Over in the continuing blogthrash at Rage Against the Man-chine, ND calls someone out for giving personal anecdotes and no discussion. Basically, the person described her scenes and said "how can you call this wrong?" ND didn't like this one bit, pointing out that she's debating about feminist interpretations of BDSM as a whole, not talking about particular personal experiences.
While I understand your frustration with the personal anecdotes and agree that they don't count as argument, I also think there's something particular that this disconnect brings out:
One side is saying that personal anecdotes do count, because the personal experience is all we've got. "What BDSM means," on such a view, is just what commonalities and themes can be found in thousands of personal stories. It's whatever reasons for it, activities, and explanations are most common, most appealed to, most important. On this view the only way to come up with "what BDSM is about" is to read as many stories as possible (or, failing that, to come up with a sound method of selecting samples) and discover what you find.
The other side -- which you're on -- says that a theory that makes no reference to actual experience can and does explain it, and therefore individual experiences are irrelevant and beside the point.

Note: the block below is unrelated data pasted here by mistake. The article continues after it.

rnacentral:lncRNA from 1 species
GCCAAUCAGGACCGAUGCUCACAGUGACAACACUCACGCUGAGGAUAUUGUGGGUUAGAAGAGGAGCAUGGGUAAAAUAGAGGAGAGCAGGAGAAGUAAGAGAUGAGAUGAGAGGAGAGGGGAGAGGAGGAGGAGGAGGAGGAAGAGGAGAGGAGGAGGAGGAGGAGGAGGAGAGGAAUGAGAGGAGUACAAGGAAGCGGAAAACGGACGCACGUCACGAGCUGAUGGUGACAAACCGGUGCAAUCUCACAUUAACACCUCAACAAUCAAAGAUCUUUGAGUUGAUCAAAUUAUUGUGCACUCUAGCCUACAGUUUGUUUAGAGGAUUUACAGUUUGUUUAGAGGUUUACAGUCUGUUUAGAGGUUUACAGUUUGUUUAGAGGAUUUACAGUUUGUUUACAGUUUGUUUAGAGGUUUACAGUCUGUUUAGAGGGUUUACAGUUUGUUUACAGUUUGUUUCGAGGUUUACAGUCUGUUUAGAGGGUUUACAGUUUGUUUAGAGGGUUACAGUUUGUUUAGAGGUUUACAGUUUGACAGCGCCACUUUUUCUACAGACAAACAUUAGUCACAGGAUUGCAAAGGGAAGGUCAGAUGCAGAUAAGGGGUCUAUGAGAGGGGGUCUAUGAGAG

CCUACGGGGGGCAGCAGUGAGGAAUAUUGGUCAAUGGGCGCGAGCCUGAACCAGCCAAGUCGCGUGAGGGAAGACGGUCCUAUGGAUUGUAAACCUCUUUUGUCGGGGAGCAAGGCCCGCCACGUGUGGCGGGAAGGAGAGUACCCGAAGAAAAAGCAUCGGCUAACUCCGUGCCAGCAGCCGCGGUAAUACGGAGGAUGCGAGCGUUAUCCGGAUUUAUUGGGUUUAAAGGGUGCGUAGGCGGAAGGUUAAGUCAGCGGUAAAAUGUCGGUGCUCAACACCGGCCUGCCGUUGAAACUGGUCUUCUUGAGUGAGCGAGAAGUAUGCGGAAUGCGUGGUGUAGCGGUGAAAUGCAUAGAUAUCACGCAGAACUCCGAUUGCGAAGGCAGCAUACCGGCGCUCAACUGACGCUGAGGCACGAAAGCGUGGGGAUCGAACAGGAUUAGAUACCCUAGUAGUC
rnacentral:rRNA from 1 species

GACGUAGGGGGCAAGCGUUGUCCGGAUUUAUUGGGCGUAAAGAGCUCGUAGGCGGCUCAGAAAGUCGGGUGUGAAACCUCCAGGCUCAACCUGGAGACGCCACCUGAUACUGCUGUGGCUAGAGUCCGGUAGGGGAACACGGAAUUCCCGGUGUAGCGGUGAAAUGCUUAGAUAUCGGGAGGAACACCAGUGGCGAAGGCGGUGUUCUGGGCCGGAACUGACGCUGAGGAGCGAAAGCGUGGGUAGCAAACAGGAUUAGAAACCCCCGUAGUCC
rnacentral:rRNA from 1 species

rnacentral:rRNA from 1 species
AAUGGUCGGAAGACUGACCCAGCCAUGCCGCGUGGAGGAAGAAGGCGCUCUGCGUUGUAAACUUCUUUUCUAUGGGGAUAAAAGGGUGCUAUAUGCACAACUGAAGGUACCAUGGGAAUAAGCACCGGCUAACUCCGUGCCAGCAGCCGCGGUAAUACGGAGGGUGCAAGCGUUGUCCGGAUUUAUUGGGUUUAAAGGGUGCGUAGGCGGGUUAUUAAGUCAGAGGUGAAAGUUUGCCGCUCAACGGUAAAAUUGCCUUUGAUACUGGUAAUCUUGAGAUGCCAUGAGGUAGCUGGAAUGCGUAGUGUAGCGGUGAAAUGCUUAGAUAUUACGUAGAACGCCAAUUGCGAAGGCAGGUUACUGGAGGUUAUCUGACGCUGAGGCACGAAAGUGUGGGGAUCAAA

But my question is: what makes the theory itself one that we should accept, then? As I understand it, radical feminist theory itself arose from practices like consciousness raising, which was lots of women in groups sitting around describing their experiences, noticing commonalities, and coming up with theory that explained those commonalities and how to work to fix the problems that showed up over and over in the lives of many women.
Now, I wasn't around in the '70's, so perhaps some second-wavers/radical feminists who were can correct me. But my question is: What exactly happened? Why does theory now trump experience, when commonalities in experience were precisely what led feminists to determine that sexism wasn't just a personal matter, but rather a political one?
It really confuses me.